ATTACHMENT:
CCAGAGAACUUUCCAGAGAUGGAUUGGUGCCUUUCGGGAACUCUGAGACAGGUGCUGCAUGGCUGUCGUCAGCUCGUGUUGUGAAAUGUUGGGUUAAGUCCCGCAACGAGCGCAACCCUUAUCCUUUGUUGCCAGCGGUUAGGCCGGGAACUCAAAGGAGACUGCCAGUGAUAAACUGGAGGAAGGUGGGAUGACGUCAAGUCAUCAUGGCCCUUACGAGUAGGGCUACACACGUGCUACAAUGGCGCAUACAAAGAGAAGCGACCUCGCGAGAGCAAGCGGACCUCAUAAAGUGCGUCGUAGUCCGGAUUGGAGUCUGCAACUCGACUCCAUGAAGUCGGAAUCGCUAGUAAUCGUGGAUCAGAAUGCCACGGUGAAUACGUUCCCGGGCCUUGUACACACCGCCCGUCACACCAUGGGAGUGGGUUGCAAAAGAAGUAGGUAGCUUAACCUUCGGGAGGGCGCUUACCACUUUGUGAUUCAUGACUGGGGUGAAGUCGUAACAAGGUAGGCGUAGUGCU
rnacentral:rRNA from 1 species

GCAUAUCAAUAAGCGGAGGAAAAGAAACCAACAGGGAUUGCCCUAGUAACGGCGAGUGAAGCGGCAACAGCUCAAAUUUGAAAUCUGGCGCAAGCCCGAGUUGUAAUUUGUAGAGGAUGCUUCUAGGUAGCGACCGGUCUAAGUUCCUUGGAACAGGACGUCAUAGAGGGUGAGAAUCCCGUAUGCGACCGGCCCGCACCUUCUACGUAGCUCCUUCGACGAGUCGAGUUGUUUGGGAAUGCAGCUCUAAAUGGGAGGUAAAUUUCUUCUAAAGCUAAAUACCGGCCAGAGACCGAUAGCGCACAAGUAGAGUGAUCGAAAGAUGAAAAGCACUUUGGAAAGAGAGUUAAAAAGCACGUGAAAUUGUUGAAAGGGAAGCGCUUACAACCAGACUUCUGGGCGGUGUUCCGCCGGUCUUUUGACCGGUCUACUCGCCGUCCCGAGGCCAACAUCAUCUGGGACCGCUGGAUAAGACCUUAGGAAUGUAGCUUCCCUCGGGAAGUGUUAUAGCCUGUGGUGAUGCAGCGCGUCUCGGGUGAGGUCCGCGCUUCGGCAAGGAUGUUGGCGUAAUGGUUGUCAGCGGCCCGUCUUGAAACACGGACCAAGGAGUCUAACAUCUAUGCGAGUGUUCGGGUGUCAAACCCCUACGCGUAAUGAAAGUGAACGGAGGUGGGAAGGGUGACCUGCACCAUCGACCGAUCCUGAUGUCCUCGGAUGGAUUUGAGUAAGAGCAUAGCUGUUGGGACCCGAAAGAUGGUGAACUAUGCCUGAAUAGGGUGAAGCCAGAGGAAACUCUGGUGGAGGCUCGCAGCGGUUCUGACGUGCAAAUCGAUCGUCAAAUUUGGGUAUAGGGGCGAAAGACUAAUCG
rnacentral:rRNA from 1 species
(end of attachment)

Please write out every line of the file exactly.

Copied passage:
CCAGAGAACUUUCCAGAGAUGGAUUGGUGCCUUUCGGGAACUCUGAGACAGGUGCUGCAUGGCUGUCGUCAGCUCGUGUUGUGAAAUGUUGGGUUAAGUCCCGCAACGAGCGCAACCCUUAUCCUUUGUUGCCAGCGGUUAGGCCGGGAACUCAAAGGAGACUGCCAGUGAUAAACUGGAGGAAGGUGGGAUGACGUCAAGUCAUCAUGGCCCUUACGAGUAGGGCUACACACGUGCUACAAUGGCGCAUACAAAGAGAAGCGACCUCGCGAGAGCAAGCGGACCUCAUAAAGUGCGUCGUAGUCCGGAUUGGAGUCUGCAACUCGACUCCAUGAAGUCGGAAUCGCUAGUAAUCGUGGAUCAGAAUGCCACGGUGAAUACGUUCCCGGGCCUUGUACACACCGCCCGUCACACCAUGGGAGUGGGUUGCAAAAGAAGUAGGUAGCUUAACCUUCGGGAGGGCGCUUACCACUUUGUGAUUCAUGACUGGGGUGAAGUCGUAACAAGGUAGGCGUAGUGCU
rnacentral:rRNA from 1 species

GCAUAUCAAUAAGCGGAGGAAAAGAAACCAACAGGGAUUGCCCUAGUAACGGCGAGUGAAGCGGCAACAGCUCAAAUUUGAAAUCUGGCGCAAGCCCGAGUUGUAAUUUGUAGAGGAUGCUUCUAGGUAGCGACCGGUCUAAGUUCCUUGGAACAGGACGUCAUAGAGGGUGAGAAUCCCGUAUGCGACCGGCCCGCACCUUCUACGUAGCUCCUUCGACGAGUCGAGUUGUUUGGGAAUGCAGCUCUAAAUGGGAGGUAAAUUUCUUCUAAAGCUAAAUACCGGCCAGAGACCGAUAGCGCACAAGUAGAGUGAUCGAAAGAUGAAAAGCACUUUGGAAAGAGAGUUAAAAAGCACGUGAAAUUGUUGAAAGGGAAGCGCUUACAACCAGACUUCUGGGCGGUGUUCCGCCGGUCUUUUGACCGGUCUACUCGCCGUCCCGAGGCCAACAUCAUCUGGGACCGCUGGAUAAGACCUUAGGAAUGUAGCUUCCCUCGGGAAGUGUUAUAGCCUGUGGUGAUGCAGCGCGUCUCGGGUGAGGUCCGCGCUUCGGCAAGGAUGUUGGCGUAAUGGUUGUCAGCGGCCCGUCUUGAAACACGGACCAAGGAGUCUAACAUCUAUGCGAGUGUUCGGGUGUCAAACCCCUACGCGUAAUGAAAGUGAACGGAGGUGGGAAGGGUGACCUGCACCAUCGACCGAUCCUGAUGUCCUCGGAUGGAUUUGAGUAAGAGCAUAGCUGUUGGGACCCGAAAGAUGGUGAACUAUGCCUGAAUAGGGUGAAGCCAGAGGAAACUCUGGUGGAGGCUCGCAGCGGUUCUGACGUGCAAAUCGAUCGUCAAAUUUGGGUAUAGGGGCGAAAGACUAAUCG
rnacentral:rRNA from 1 species